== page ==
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11th Circuit Ruling Against Class Incentive Awards Still Causing Confusion, Conflicting Approaches

By Lance A. Harke
Incentive awards have long been justified as necessary to incentivize named plaintiffs to step forward and incur unique burdens on behalf of the class well beyond the prospect of a limited class member recovery.
Incentive awards have long been justified as necessary to incentivize named plaintiffs to step forward and incur unique burdens on behalf of the class well beyond the prospect of a limited class member recovery.

These awards have been routine in class actions around the country.

In a split decision last year, the 11th Circuit surprised the class action bar by rejecting a proposed $6,000 incentive award to the class representative as part of a settlement in a fairly straightforward TCPA case. According to the Johnson majority, Supreme Court precedent dating back to the 19th Century prohibits such awards, which have been customary and routine in class action jurisprudence throughout the country, including the 11th Circuit, for many decades.  Incentive awards have long been justified as necessary to incentivize named plaintiffs to step forward and incur unique burdens on behalf of the class well beyond the prospect of a limited class member recovery. The 11th Circuit stands alone in rejecting incentive awards on this basis, and the ruling has led to conflicting approaches for class action attorneys and district judges within the 11th Circuit seeking to modestly compensate lead plaintiffs for the time and effort expended to represent settlement classes.

In the most recent ruling addressing this issue, Southern District of Florida United States Judge Jose Martinez rejected a proposed $5,000 incentive award to the class representative in a settlement involving Covid-related tuition fees. The judge otherwise approved the $2.4 million deal, which included an $800,000 fee award to class counsel.  The court specifically rejected the approach other district courts within the Circuit have sometimes adopted, which is to reserve jurisdiction on the incentive award in the event the 11th Circuit eventually reverses its decision.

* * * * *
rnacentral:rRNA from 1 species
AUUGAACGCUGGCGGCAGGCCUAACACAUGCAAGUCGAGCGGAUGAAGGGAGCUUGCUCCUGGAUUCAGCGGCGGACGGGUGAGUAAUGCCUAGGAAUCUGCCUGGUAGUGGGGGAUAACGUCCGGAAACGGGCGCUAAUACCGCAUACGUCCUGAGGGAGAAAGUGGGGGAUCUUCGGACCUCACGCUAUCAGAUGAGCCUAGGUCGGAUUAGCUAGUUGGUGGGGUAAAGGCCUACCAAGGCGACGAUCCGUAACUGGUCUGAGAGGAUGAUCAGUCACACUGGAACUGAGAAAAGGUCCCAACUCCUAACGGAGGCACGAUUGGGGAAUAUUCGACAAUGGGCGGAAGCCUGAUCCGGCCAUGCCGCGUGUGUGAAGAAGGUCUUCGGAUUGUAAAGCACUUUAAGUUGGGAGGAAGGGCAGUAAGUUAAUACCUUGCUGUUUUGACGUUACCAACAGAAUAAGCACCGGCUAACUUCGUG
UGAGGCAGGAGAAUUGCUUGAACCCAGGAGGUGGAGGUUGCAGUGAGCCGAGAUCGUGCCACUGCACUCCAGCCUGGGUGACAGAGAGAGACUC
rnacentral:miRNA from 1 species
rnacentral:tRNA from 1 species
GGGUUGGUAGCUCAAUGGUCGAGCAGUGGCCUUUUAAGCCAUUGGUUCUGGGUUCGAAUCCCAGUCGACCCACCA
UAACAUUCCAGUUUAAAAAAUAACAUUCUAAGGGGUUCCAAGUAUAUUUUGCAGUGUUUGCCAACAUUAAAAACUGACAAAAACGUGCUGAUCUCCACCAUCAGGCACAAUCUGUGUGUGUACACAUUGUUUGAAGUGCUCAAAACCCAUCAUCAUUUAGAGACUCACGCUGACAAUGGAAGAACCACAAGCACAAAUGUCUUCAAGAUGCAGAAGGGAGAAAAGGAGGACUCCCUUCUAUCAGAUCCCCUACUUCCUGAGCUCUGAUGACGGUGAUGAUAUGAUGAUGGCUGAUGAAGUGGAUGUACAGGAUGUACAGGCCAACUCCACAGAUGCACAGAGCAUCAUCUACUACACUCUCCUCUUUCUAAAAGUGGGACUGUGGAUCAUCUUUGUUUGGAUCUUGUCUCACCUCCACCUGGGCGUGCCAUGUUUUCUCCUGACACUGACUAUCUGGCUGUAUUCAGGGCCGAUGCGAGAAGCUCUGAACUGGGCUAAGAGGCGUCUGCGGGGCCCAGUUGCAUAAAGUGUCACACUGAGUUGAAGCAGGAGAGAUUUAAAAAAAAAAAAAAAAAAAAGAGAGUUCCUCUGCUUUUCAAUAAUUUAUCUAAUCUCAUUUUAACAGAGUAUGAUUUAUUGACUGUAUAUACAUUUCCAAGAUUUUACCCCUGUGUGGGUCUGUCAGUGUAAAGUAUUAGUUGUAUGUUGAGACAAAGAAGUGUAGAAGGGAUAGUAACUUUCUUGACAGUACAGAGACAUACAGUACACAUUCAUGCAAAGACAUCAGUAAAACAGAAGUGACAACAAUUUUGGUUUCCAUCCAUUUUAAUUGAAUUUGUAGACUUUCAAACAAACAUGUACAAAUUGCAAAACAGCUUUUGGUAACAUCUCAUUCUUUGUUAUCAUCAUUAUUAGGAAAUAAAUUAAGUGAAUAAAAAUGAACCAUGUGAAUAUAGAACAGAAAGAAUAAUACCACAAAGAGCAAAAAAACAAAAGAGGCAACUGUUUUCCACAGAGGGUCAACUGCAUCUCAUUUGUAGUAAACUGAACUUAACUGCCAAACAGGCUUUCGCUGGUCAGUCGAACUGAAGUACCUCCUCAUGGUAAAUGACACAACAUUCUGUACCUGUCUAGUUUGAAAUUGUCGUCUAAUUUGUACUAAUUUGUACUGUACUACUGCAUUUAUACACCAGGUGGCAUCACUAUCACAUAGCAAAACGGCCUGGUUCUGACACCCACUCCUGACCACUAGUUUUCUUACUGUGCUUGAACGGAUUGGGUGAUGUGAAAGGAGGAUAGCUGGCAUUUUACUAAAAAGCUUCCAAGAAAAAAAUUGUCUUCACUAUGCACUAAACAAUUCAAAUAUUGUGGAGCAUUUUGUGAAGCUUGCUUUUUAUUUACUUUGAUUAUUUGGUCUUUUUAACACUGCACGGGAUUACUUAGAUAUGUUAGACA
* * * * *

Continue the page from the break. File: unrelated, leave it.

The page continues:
As Judge Martinez mentioned, the 11th Circuit has withheld issuance of the mandate in Johnson and is currently accepting briefing on rehearing.  UWWM will continue to monitor developments in this and other class and mass tort actions, and will publish additional bulletins and updates for the benefit of its clients and colleagues.

UWWM will continue to monitor developments in this and other class and mass tort actions, and will publish additional bulletins and updates for the benefit of its clients and colleagues.

The select mediators and arbitrators at UWWM’s Center for National Class and Mass Actions have decades of specific experience in class and mass actions and are uniquely qualified to assist you in resolving these legal disputes.  For further information and scheduling, please visit our website.


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